Pardon No. 8 Wisconsin if in the course of preparing for Monday’s noon kickoff for the Cotton Bowl at AT&T Stadium it didn’t feel a little like Groundhog Day.
The game with No. 15 Western Michigan, an unbeaten Group-of-Five upstart from the mid-major Mid-American Conference with something to prove against the big boys, feels more than a little like the Badgers’ Rose Bowl appearance in 2011 against a TCU team … from a mid-major with something to prove.
There are many differences, not the least of which is the fact no one from today’s Badgers was a part of the program then, including coach Paul Chryst. With a victory over the undefeated Badgers, then top-five TCU had a shot at a national title.
None of that exists in this game that, truthfully, is not the sexiest matchup in the Cotton Bowl’s 81 years, especially considering the national championship storylines here the past two seasons.
Our team had to understand that they’re humble enough to know that anybody on our schedule could beat us if we’re not at our best. But we’re confident enough to know that we can beat anybody on our schedule or anybody we play if we do play at our best.
Western Michigan coach P.J. Fleck
Unless, you’re the side that is fighting with that most basic of human motivation: belonging.
It is likely why the College Football Playoff game between the top-ranked Group of Five member and a Power Five team has been worth watching among the New Year’s Six bowl games. In 2015, Houston beat Florida State in a close game at the Peach Bowl, and Boise State held off Arizona on the last play of the game in the 2014 Fiesta Bowl.
“I think we’ll always be an underdog,” said Western Michigan coach P.J. Fleck, whose team was the first in the MAC to go undefeated in the regular season since Marshall. “We talk about a crack on our shoulder, not a chip. We talked all year about being humble and confident and having a wonderful balance of two of those, both of them.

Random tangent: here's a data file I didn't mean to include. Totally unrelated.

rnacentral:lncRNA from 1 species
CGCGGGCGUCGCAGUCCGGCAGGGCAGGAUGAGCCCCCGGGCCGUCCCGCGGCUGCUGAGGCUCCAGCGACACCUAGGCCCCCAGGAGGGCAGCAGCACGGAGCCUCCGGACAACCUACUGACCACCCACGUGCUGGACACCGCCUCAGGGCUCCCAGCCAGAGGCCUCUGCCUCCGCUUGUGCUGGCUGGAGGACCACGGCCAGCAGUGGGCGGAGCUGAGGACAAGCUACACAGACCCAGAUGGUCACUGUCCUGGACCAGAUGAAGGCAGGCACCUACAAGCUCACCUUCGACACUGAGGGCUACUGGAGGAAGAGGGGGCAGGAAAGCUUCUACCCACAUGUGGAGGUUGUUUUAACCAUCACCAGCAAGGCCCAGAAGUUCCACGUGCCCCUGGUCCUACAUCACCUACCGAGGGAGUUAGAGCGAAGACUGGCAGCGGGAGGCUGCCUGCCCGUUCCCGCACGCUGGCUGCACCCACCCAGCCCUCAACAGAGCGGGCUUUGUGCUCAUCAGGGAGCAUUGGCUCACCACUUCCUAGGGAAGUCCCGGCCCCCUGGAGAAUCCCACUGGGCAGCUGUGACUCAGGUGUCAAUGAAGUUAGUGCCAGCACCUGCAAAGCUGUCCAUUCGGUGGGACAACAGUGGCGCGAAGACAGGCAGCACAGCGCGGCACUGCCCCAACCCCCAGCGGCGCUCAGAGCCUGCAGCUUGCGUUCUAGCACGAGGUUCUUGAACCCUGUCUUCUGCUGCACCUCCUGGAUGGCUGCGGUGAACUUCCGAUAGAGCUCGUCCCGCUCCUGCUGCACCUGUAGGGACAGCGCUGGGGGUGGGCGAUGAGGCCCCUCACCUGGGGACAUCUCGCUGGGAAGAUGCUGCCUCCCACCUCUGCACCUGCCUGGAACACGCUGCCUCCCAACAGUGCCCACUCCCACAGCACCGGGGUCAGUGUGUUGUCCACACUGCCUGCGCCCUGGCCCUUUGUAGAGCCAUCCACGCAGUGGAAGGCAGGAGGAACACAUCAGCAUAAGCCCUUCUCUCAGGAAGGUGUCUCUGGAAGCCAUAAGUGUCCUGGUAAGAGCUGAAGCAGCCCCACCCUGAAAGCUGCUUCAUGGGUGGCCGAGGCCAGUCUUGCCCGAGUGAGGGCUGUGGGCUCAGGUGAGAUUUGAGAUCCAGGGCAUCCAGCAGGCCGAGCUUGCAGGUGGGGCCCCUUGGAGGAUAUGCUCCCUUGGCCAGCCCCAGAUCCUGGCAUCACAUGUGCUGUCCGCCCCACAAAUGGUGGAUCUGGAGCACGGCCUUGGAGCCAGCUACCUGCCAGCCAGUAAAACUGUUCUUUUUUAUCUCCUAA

“Our team had to understand that they’re humble enough to know that anybody on our schedule could beat us if we’re not at our best. But we’re confident enough to know that we can beat anybody on our schedule or anybody we play if we do play at our best.”
I think you don’t go undefeated in a season without being a really good team and not just good players and good coaching, but I think Western has got something going that grabbed the attention of our players early in the preparation.
Wisconsin coach Paul Chryst
Wisconsin (10-3), the coach said, is the best team on the schedule this year. Western Michigan has defeated two Big Ten opponents this season, but neither Northwestern or Illinois were of Wisconsin’s size, speed and seasoning.
The Broncos are confident they can play with the Badgers or anyone else, for that matter, at the skill positions, particularly with QB Zach Terrell and running backs Jarvion Franklin and Jamauri Bogan, and senior All-America receiver Corey Davis. The question that will need to be answered is how Western Michigan’s undersized offensive front stands up to Wisconsin’s big and good front seven. That’s generally the most basic difference between the haves and have-nots of college football.
It’s the “elephant in the room,” Fleck said, including in his analysis Wisconsin’s big offensive front.
Aiding the Broncos’ might be the Badgers’ daydreaming.
Wisconsin could have been playing for the biggest prize if not for blowing a big lead against Penn State in the Big Ten Championship Game.
While Western Michigan will no doubt be inspired by what it can gain, Wisconsin, which hasn’t named a starting quarterback for Monday between freshman Alex Hornibrook and senior Bart Houston, could be playing with the hangover of what it lost last month.
“We’re going to need to play well, obviously,” Chryst said. “I think you don’t go undefeated in a season without being a really good team and not just good players and good coaching, but I think Western has got something going that grabbed the attention of our players early in the preparation.”
Wisconsin vs. Western Michigan
Noon Monday, ESPN